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In the Greek text for Matthew 5:18, the word “amēn” is used at the beginning of the sentence. From my understanding, this was used to express that the following statement was true or held in high regard. The same word, “amēn,” was used to end a prayer. In most English translations, amēn is translated to “truly” or “verily.” Is there a reason why it could not be left at the English “amen?” If amen in English means “so be it,” then why can’t it be used before the sentence in the same way it was in the Greek?

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According to BDAG, the word ἀμήν is transliterated from the Hebrew and has two basic meanings:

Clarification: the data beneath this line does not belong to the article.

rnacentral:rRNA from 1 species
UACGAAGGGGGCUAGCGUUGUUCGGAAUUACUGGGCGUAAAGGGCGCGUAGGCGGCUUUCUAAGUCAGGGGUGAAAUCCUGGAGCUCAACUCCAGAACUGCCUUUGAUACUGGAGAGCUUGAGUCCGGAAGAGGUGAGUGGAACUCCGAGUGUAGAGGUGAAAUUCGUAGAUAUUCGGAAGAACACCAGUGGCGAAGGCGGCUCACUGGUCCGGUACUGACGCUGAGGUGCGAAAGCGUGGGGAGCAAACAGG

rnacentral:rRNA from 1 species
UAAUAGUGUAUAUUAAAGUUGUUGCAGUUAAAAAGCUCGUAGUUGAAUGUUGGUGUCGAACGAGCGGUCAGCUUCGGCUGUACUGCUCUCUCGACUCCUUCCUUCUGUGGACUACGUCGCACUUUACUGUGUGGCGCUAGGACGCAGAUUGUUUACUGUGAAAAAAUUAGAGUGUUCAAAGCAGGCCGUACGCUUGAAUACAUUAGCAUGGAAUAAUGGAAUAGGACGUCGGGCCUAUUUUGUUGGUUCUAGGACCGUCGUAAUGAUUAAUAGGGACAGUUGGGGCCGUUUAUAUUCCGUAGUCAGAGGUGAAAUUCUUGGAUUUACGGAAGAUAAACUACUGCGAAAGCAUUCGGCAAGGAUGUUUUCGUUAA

1. strong affirmation of what is being said
  • (a) as expression of faith, let it be so, truly, amen, eg, 1 Cor 4:16, Rev 5:14, Matt 5:13, Rom 1:25, 9:5, 11:36, etc
  • (b) assertive particle, truly, always with λέγω beginning a solemn declaration; but only used by Jesus (I assure you that, I solemnly tell you) Matt 5:18, 26, 6:2, 5, 16, 8:10, Mark 3:28, etc.
  1. Christ as the ultimate affirmation, the Amen, eg, Rev 3:14.

Thus, Matt 5:18 is as listed above - a solemn declaration; but only used by Jesus (I assure you that, I solemnly tell you).

The practice ending a prayer with "amen" dates at least from NT times.

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  • Ah, thanks! So it wouldn’t be incorrect for it to be translated as “Amen, I tell you…?” Commented Nov 17, 2022 at 2:12
  • But it wouldn’t follow guidelines? Commented Nov 17, 2022 at 2:12
  • @awholegnuworld - we must distinguish between a title of Jesus and the assertive particle. In the presence of the verb "lego" (Isay) it is always the latter.
    – Dottard
    Commented Nov 17, 2022 at 6:53
  • Ah, I get it. Thanks! Commented Nov 18, 2022 at 13:09

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